Black Labradors: A Basic Overview
Black Labradors are the first-known breed of Labrador Retrievers. Their ancestors are Newfoundlands and St. John's dogs, common European hunting dogs. While their ancestry is rooted in hunting, black Labradors are known as friendly, fun-loving companions today.
Pros of Black Labradors
Here are some of the pros of owning a black Labrador:
- Fantastic rescue dogs: Black Labs have a renowned reputation as public service dogs. One of the most famous black Labs is Jake, the American Black Labrador who assisted in search and rescue operations during 9/11 and Hurricane Katrina.
- Preferred hunting dogs: Black Labradors come from a lineage of hunting dogs. Today, the American Black Labrador is still a preferred hunting breed. This preference is likely due to their dark, inconspicuous coats and their driven and focused nature.
- Very friendly: Labradors, as a breed, are well-known for being the perfect family friend. They love being around people and other dogs.
- Low maintenance grooming: Black Labradors have coats that take care of themselves. Therefore, grooming them is relatively simple. The only thing you should look out for is when they shed.
- Very intelligent: Historically, black Lab breeders prioritized attentiveness and teachability. On the other hand, yellow Lab breeders traditionally focused on coat shade and sociability. For this reason, black Labs are pretty intelligent.
Cons of Black Labradors
Here are some of the cons of owning a black Labrador:
Unfortunately, black Labs have specific health problems that owners must address, especially as they age.
- Hip and elbow dysplasia: Being a large breed, black Labs are prone to joint issues, such as hip and elbow dysplasia. A balanced diet of adult dog food (NOT puppy food) in the first two years can help manage Labrador growth and ease these problems later in life.
- Progressive retinal atrophy (PRA): PRA is a disorder that can cause your Lab to go blind. To avoid this issue, you should check the Lab's family lineage with the breeder. Your puppy will need two clear parents or one clear and one carrier parent to avoid inheriting the gene.
Black Labs are very enthusiastic and active. However, that also makes them clumsy. If you have a toddler roaming around the house or delicate furniture you want to stay intact, you should consider this drawback. Raising a black Lab and a toddler simultaneously is possible, but the task will require an extra level of caution and care.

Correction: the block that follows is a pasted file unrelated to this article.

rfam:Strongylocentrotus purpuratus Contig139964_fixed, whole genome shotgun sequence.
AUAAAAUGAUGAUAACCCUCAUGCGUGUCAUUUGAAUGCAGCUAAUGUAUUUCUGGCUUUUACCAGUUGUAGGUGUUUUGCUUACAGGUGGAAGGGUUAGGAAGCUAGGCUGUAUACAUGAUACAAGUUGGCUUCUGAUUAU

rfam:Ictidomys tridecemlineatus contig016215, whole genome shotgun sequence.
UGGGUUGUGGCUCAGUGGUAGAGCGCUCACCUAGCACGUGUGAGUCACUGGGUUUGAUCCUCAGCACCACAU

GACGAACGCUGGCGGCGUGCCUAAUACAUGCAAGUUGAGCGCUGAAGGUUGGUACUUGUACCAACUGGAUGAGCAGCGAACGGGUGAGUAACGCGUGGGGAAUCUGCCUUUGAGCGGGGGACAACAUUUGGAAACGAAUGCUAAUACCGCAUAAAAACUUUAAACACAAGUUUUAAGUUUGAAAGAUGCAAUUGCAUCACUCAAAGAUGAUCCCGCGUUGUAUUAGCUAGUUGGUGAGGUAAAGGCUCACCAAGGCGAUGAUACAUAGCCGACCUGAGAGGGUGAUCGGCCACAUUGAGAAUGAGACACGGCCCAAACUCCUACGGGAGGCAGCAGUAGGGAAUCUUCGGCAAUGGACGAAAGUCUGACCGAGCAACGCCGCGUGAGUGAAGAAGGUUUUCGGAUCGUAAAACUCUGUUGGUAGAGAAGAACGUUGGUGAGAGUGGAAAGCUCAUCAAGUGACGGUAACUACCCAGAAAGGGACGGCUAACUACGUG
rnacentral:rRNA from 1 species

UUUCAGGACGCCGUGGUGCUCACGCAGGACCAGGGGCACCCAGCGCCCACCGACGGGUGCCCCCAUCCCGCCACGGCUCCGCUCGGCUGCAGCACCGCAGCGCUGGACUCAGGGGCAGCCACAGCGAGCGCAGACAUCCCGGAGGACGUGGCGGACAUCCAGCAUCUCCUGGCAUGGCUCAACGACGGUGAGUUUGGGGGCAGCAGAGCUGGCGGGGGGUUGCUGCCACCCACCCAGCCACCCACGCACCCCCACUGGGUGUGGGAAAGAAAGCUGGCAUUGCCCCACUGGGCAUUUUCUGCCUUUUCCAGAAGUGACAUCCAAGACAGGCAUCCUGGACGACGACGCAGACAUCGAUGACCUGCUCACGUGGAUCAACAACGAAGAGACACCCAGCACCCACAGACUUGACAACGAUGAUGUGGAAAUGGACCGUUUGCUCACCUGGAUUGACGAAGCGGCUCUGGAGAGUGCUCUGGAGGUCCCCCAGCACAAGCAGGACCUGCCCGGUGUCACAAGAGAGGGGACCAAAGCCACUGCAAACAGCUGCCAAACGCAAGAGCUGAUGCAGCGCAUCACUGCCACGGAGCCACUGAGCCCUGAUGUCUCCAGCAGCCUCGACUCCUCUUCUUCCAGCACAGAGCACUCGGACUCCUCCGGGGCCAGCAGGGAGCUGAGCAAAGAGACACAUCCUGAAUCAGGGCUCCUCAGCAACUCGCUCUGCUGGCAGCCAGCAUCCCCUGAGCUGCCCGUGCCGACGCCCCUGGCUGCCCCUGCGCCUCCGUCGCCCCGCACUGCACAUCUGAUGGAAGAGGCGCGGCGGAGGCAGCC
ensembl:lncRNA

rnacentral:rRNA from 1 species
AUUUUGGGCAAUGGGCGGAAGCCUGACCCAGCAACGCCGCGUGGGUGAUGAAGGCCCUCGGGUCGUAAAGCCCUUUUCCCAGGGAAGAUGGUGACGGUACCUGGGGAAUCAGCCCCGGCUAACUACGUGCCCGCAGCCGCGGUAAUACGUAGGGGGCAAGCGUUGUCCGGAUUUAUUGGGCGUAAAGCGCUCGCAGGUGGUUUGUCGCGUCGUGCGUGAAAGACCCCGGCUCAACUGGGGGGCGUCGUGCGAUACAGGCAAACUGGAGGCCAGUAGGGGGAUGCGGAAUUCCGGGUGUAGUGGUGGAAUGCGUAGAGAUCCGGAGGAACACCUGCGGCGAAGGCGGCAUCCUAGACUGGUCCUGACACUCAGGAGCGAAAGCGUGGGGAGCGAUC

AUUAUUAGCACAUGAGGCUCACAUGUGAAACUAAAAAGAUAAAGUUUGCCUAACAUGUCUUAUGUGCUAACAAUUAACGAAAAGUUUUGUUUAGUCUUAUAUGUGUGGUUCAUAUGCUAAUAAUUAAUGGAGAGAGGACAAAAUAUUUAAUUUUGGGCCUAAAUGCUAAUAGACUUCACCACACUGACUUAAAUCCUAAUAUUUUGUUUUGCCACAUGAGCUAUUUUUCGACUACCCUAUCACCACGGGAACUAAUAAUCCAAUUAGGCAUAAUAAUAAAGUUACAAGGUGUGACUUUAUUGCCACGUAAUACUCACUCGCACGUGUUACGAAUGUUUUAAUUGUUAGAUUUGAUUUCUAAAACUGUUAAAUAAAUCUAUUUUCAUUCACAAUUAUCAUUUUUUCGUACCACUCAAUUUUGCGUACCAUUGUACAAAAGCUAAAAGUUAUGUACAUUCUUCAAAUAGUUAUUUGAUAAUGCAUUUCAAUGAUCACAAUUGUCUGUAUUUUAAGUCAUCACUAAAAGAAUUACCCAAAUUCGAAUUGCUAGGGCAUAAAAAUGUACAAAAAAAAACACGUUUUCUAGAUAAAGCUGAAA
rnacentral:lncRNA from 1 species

Require Physically Active Training
All Labradors love to move. Furthermore, an American Black Lab yearns for physical activity. If you find yourself leading a sedentary lifestyle, you may have trouble keeping up. Still, those up to the challenge of raising an American Black Lab should look into gun dog-style activities like retrieving. Conversely, regularly walking, running, or playing with an English Black Lab does the trick.
Cream Labradors: A Basic Overview
Cream Labradors aren’t considered a separate breed by the American Kennel Club. On the contrary, this shade of Labrador falls under Yellow Labradors, which can come in many other shades besides cream. Examples are fox-red, tan, golden, and more.
Unfortunately, yellow Labs weren’t always as highly regarded as they’re now. For instance, in the early years of Labrador breeding, yellow Labs were often euthanized upon birth. Thankfully, they’ve become highly favorable in recent years!
Pros of Cream Labradors
Here are some of the pros of owning a cream Labrador:
- One of the easiest breeds to train: All Labradors are simple to train as long as you’re willing to keep up with their activity levels. However, a study published in Applied Animal Behaviour Science in 2014 found that yellow Labs are the easiest to train.
- Great guide dogs: All shades of Labrador make wonderful guide dogs. It just so happens that yellow Labs are commonly associated with the trade. However, like their black counterparts, cream Labs are task-oriented and can help others in many services.
- Hair is less noticeable when shed: Shedding is an issue with all Labradors. Luckily, a cream-colored Lab's hair doesn’t stand out much. Therefore, if you feel the need to skip a brush occasionally, you may be able to get away with it.